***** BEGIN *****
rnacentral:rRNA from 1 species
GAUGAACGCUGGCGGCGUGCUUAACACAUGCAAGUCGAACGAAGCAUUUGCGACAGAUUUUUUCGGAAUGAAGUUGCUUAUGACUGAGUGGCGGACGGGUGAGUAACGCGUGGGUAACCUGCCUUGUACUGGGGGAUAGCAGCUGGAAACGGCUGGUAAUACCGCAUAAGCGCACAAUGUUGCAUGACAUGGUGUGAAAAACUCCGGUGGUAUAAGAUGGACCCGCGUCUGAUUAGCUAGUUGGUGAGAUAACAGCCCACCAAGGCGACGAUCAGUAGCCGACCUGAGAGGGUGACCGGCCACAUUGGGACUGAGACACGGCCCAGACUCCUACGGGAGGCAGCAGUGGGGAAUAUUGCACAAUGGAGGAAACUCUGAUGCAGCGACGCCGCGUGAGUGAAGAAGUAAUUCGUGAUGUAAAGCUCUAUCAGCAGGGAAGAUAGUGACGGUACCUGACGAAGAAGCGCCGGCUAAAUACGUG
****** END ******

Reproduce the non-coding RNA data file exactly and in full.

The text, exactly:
rnacentral:rRNA from 1 species
GAUGAACGCUGGCGGCGUGCUUAACACAUGCAAGUCGAACGAAGCAUUUGCGACAGAUUUUUUCGGAAUGAAGUUGCUUAUGACUGAGUGGCGGACGGGUGAGUAACGCGUGGGUAACCUGCCUUGUACUGGGGGAUAGCAGCUGGAAACGGCUGGUAAUACCGCAUAAGCGCACAAUGUUGCAUGACAUGGUGUGAAAAACUCCGGUGGUAUAAGAUGGACCCGCGUCUGAUUAGCUAGUUGGUGAGAUAACAGCCCACCAAGGCGACGAUCAGUAGCCGACCUGAGAGGGUGACCGGCCACAUUGGGACUGAGACACGGCCCAGACUCCUACGGGAGGCAGCAGUGGGGAAUAUUGCACAAUGGAGGAAACUCUGAUGCAGCGACGCCGCGUGAGUGAAGAAGUAAUUCGUGAUGUAAAGCUCUAUCAGCAGGGAAGAUAGUGACGGUACCUGACGAAGAAGCGCCGGCUAAAUACGUG